Make the Most Out of Your Child’s Appointments
Learn how to work with your child and your child’s doctor for the best treatment possible.
By Linda J. Brown
When treating a child with arthritis, effective communication and a team approach are the ideal for any doctor-patient-parent relationship. The goal is improving the child’s health, and everyone has a role to play. The aim is for the child, parent and doctor to be on the same page with the treatment plan. Find out how to make the most out of your doctor visits.
Bring Labs and Results from Other Appointments
Make sure your doctor has all the information they need to successfully treat your child, such as lab test results and X-rays from other doctor’s appointments. If you’re a new patient, check to see if your child’s doctor’s office has requested them from other docs, or if you need to bring them with you to your next appointment.
Write down specifics in a notebook to help you and your child remember everything from the appointment. Studies have shown that 20 to 50 percent of what is said in the doctor’s office is forgotten. Also, use your notebook to jot down any questions or concerns that occur between visits.
Involve Your Child
Make sure you or your child lets the doctor know about his concerns, too. Depending on your child’s age, he can also have a notebook or a color-coded chart that shows the medications and amounts he takes each day, his lab results and dietary changes.
Understand Treatment Options
Make sure that you and your doctor help your child understand that there can be flexibility in some medical treatments. If a particular medicine is really bothering your child, there may be a substitute, says Deborah Rothman, MD, director of pediatrics and rheumatology at Shriners Hospital for Children in Springfield, Mass. “But if you don’t tell your doctor of the problem, he or she won’t be able to help,” she says.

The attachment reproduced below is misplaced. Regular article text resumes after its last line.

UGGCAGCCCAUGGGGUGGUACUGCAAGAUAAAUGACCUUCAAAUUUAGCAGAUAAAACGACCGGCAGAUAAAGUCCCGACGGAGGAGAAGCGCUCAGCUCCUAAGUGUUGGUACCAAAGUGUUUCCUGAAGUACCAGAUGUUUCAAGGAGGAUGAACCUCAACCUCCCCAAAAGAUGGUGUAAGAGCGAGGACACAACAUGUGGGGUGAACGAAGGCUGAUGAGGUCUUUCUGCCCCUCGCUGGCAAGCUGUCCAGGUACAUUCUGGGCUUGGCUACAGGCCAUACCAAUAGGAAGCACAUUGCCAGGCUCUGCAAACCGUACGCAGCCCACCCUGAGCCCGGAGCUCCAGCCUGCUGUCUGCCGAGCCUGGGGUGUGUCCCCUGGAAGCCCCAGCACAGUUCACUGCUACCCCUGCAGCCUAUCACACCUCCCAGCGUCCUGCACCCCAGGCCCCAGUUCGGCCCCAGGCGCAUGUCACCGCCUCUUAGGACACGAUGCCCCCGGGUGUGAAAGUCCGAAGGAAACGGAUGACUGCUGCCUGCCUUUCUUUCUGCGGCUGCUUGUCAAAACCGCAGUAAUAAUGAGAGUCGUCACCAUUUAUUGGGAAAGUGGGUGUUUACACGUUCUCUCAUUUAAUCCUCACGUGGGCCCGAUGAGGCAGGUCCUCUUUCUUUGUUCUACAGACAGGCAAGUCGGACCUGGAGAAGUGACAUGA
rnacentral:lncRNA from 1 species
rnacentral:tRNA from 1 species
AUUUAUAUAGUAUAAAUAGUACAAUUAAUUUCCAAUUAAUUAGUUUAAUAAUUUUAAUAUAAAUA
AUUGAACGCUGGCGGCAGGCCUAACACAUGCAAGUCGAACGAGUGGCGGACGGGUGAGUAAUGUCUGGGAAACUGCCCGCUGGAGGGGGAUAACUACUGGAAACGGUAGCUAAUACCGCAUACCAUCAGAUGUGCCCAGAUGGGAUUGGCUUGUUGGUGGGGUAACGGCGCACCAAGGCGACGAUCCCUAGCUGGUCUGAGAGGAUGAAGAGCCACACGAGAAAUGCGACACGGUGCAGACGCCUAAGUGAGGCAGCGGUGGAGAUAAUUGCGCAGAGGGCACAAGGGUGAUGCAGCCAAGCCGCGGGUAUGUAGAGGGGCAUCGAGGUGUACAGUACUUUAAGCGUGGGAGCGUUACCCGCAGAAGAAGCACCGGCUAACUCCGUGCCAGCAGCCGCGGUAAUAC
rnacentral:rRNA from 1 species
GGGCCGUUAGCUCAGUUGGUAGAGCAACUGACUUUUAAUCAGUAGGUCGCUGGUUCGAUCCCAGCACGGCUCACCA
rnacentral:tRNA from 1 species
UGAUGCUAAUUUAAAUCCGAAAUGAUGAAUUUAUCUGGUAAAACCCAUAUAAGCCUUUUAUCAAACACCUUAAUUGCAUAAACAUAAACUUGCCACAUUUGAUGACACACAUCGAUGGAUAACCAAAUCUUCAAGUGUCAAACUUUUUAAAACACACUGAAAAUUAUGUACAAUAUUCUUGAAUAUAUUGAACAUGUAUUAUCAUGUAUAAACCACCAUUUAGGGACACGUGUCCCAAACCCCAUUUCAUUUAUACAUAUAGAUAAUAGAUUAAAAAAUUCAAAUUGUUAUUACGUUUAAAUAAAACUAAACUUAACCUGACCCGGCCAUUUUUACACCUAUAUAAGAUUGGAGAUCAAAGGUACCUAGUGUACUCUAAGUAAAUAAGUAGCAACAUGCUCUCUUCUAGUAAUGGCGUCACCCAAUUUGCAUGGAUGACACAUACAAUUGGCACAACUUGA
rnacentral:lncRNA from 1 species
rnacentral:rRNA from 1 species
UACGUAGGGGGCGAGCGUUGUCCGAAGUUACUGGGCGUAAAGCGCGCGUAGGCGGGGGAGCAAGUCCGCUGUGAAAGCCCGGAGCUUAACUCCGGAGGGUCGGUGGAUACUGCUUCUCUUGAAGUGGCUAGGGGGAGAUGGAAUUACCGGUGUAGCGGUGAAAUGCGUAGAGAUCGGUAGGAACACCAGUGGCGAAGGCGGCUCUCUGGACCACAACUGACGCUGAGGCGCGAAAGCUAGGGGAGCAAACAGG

Negotiate When Needed
Don’t hesitate to negotiate with the doctor for something your child really wants to do. For example, if your child has arthritis but really wants to take dance classes, ask your doctor to explain the restrictions and then relay them to your child’s dance instructors. Likewise, if your child has lupus but wants to play soccer, you’ll need to help her follow the doctor’s advice and watch for signs of a flare.
Let Your Child Speak Up
Start helping your child to voice his opinions and concerns early, so he can do it when he gets older. And while parents provide essential information about their child’s health, a dialogue between child and physician, geared to the child’s age, is also vital. “I have found that even very young children, 5, 6, and 7, can tell me what’s bothering them,” says Dr. Rothman. “It’s really important for them to start talking directly to me because even their parents are sometimes surprised by what they say.”
Improving Communication with the Doctor
Try these tips if communication isn’t working between you, your child and her doctor:
- Bring a list of questions to your child’s appointment and prioritize your biggest concerns at the top. That way, if your doctor doesn’t have time to answer all of them, you will at least get answers to your top questions.
- For any other questions or lab results, ask your doctor if emailing them is an option.
- Be confident enough to ask for further explanation if you don’t understand or agree with something.
- Encourage your kid to ask questions too, because no matter how small she thinks the question is, it will make a difference.
- If something isn’t working, let your child’s doctor know and bring suggestions for improving the situation as you might in any negotiation. Because pediatric rheumatologists are in short supply, it’s best to try to find solutions and common ground before switching.
Consider yourself, the doctor and your child a team. Being on a team requires communication, compromise and negotiation. And when the team goal is the healthiest and fullest life possible for your child, that’s certainly worthy of taking the time to learn how to make it work for everyone.
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